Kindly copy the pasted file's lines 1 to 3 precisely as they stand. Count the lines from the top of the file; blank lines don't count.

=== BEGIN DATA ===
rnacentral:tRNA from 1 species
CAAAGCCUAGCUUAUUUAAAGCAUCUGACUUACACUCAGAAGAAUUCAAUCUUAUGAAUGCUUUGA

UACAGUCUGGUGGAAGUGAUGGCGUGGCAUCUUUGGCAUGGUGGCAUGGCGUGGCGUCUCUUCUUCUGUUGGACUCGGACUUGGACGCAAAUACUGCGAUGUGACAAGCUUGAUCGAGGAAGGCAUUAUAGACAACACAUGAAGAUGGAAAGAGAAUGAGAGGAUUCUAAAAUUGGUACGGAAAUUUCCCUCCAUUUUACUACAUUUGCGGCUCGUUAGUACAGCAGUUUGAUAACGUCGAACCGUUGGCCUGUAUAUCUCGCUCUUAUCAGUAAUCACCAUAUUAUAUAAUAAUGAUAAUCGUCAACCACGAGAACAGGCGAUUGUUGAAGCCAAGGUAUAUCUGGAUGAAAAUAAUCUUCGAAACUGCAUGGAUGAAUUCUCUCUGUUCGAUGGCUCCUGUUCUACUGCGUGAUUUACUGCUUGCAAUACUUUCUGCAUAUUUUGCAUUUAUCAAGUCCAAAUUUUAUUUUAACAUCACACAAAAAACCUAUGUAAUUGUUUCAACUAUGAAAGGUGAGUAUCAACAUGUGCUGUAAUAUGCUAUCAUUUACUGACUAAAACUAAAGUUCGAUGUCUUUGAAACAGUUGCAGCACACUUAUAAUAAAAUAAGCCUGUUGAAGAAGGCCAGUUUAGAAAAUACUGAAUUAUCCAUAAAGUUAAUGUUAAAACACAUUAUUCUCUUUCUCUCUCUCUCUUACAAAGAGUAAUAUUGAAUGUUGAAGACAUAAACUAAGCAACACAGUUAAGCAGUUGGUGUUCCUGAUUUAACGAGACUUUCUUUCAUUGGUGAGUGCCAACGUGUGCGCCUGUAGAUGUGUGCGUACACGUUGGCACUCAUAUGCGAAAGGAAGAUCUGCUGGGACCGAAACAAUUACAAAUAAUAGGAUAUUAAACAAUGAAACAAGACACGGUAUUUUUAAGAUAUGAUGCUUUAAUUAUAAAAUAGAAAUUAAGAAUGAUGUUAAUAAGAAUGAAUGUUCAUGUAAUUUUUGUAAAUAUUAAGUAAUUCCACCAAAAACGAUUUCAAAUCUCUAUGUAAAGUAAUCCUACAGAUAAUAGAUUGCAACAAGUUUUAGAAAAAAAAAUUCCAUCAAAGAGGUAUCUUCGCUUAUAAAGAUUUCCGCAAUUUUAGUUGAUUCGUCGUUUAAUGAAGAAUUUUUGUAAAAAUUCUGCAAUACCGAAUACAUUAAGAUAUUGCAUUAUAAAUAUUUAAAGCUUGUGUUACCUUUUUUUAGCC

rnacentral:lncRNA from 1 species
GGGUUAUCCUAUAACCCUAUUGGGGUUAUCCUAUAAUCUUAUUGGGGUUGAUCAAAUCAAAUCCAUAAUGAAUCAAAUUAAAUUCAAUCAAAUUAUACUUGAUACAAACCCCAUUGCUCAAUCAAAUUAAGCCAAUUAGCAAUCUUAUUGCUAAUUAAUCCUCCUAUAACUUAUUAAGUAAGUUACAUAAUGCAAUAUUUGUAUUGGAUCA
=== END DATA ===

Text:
rnacentral:tRNA from 1 species
CAAAGCCUAGCUUAUUUAAAGCAUCUGACUUACACUCAGAAGAAUUCAAUCUUAUGAAUGCUUUGA

UACAGUCUGGUGGAAGUGAUGGCGUGGCAUCUUUGGCAUGGUGGCAUGGCGUGGCGUCUCUUCUUCUGUUGGACUCGGACUUGGACGCAAAUACUGCGAUGUGACAAGCUUGAUCGAGGAAGGCAUUAUAGACAACACAUGAAGAUGGAAAGAGAAUGAGAGGAUUCUAAAAUUGGUACGGAAAUUUCCCUCCAUUUUACUACAUUUGCGGCUCGUUAGUACAGCAGUUUGAUAACGUCGAACCGUUGGCCUGUAUAUCUCGCUCUUAUCAGUAAUCACCAUAUUAUAUAAUAAUGAUAAUCGUCAACCACGAGAACAGGCGAUUGUUGAAGCCAAGGUAUAUCUGGAUGAAAAUAAUCUUCGAAACUGCAUGGAUGAAUUCUCUCUGUUCGAUGGCUCCUGUUCUACUGCGUGAUUUACUGCUUGCAAUACUUUCUGCAUAUUUUGCAUUUAUCAAGUCCAAAUUUUAUUUUAACAUCACACAAAAAACCUAUGUAAUUGUUUCAACUAUGAAAGGUGAGUAUCAACAUGUGCUGUAAUAUGCUAUCAUUUACUGACUAAAACUAAAGUUCGAUGUCUUUGAAACAGUUGCAGCACACUUAUAAUAAAAUAAGCCUGUUGAAGAAGGCCAGUUUAGAAAAUACUGAAUUAUCCAUAAAGUUAAUGUUAAAACACAUUAUUCUCUUUCUCUCUCUCUCUUACAAAGAGUAAUAUUGAAUGUUGAAGACAUAAACUAAGCAACACAGUUAAGCAGUUGGUGUUCCUGAUUUAACGAGACUUUCUUUCAUUGGUGAGUGCCAACGUGUGCGCCUGUAGAUGUGUGCGUACACGUUGGCACUCAUAUGCGAAAGGAAGAUCUGCUGGGACCGAAACAAUUACAAAUAAUAGGAUAUUAAACAAUGAAACAAGACACGGUAUUUUUAAGAUAUGAUGCUUUAAUUAUAAAAUAGAAAUUAAGAAUGAUGUUAAUAAGAAUGAAUGUUCAUGUAAUUUUUGUAAAUAUUAAGUAAUUCCACCAAAAACGAUUUCAAAUCUCUAUGUAAAGUAAUCCUACAGAUAAUAGAUUGCAACAAGUUUUAGAAAAAAAAAUUCCAUCAAAGAGGUAUCUUCGCUUAUAAAGAUUUCCGCAAUUUUAGUUGAUUCGUCGUUUAAUGAAGAAUUUUUGUAAAAAUUCUGCAAUACCGAAUACAUUAAGAUAUUGCAUUAUAAAUAUUUAAAGCUUGUGUUACCUUUUUUUAGCC